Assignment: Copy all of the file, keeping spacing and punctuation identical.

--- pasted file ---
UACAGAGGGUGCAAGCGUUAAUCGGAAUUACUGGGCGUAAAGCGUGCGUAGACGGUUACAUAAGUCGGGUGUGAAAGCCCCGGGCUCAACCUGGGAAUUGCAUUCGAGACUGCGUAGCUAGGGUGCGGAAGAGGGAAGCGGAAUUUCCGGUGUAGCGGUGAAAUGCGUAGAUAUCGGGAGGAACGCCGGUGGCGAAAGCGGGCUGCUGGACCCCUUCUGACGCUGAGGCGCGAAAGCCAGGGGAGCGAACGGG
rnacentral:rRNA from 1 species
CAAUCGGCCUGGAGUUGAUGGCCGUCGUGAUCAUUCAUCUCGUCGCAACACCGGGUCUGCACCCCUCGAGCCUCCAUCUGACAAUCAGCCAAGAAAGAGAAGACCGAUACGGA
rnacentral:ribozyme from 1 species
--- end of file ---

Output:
UACAGAGGGUGCAAGCGUUAAUCGGAAUUACUGGGCGUAAAGCGUGCGUAGACGGUUACAUAAGUCGGGUGUGAAAGCCCCGGGCUCAACCUGGGAAUUGCAUUCGAGACUGCGUAGCUAGGGUGCGGAAGAGGGAAGCGGAAUUUCCGGUGUAGCGGUGAAAUGCGUAGAUAUCGGGAGGAACGCCGGUGGCGAAAGCGGGCUGCUGGACCCCUUCUGACGCUGAGGCGCGAAAGCCAGGGGAGCGAACGGG
rnacentral:rRNA from 1 species
CAAUCGGCCUGGAGUUGAUGGCCGUCGUGAUCAUUCAUCUCGUCGCAACACCGGGUCUGCACCCCUCGAGCCUCCAUCUGACAAUCAGCCAAGAAAGAGAAGACCGAUACGGA
rnacentral:ribozyme from 1 species